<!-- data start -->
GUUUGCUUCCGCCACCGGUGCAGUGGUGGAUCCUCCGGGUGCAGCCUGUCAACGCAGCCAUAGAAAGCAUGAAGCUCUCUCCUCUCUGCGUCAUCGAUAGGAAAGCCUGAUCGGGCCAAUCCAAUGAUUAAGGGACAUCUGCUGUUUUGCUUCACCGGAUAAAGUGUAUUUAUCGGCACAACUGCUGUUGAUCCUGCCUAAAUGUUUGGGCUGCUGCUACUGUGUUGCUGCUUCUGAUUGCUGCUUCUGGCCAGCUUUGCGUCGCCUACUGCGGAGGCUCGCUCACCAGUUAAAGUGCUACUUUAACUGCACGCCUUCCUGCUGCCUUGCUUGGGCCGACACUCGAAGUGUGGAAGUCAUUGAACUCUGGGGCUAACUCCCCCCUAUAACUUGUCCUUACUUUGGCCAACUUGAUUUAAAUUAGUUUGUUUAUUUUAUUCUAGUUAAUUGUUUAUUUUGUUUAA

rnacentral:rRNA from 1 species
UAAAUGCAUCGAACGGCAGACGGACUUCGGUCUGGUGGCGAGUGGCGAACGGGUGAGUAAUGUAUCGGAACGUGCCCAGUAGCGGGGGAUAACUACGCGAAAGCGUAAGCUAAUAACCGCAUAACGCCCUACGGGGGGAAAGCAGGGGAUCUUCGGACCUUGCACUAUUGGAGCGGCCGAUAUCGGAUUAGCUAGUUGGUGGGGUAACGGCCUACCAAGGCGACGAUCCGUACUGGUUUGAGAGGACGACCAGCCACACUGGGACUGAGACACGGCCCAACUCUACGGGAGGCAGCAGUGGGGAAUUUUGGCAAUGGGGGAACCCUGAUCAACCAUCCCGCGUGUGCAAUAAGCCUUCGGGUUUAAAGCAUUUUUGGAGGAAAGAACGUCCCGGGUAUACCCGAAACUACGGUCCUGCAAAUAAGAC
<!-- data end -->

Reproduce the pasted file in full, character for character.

GUUUGCUUCCGCCACCGGUGCAGUGGUGGAUCCUCCGGGUGCAGCCUGUCAACGCAGCCAUAGAAAGCAUGAAGCUCUCUCCUCUCUGCGUCAUCGAUAGGAAAGCCUGAUCGGGCCAAUCCAAUGAUUAAGGGACAUCUGCUGUUUUGCUUCACCGGAUAAAGUGUAUUUAUCGGCACAACUGCUGUUGAUCCUGCCUAAAUGUUUGGGCUGCUGCUACUGUGUUGCUGCUUCUGAUUGCUGCUUCUGGCCAGCUUUGCGUCGCCUACUGCGGAGGCUCGCUCACCAGUUAAAGUGCUACUUUAACUGCACGCCUUCCUGCUGCCUUGCUUGGGCCGACACUCGAAGUGUGGAAGUCAUUGAACUCUGGGGCUAACUCCCCCCUAUAACUUGUCCUUACUUUGGCCAACUUGAUUUAAAUUAGUUUGUUUAUUUUAUUCUAGUUAAUUGUUUAUUUUGUUUAA

rnacentral:rRNA from 1 species
UAAAUGCAUCGAACGGCAGACGGACUUCGGUCUGGUGGCGAGUGGCGAACGGGUGAGUAAUGUAUCGGAACGUGCCCAGUAGCGGGGGAUAACUACGCGAAAGCGUAAGCUAAUAACCGCAUAACGCCCUACGGGGGGAAAGCAGGGGAUCUUCGGACCUUGCACUAUUGGAGCGGCCGAUAUCGGAUUAGCUAGUUGGUGGGGUAACGGCCUACCAAGGCGACGAUCCGUACUGGUUUGAGAGGACGACCAGCCACACUGGGACUGAGACACGGCCCAACUCUACGGGAGGCAGCAGUGGGGAAUUUUGGCAAUGGGGGAACCCUGAUCAACCAUCCCGCGUGUGCAAUAAGCCUUCGGGUUUAAAGCAUUUUUGGAGGAAAGAACGUCCCGGGUAUACCCGAAACUACGGUCCUGCAAAUAAGAC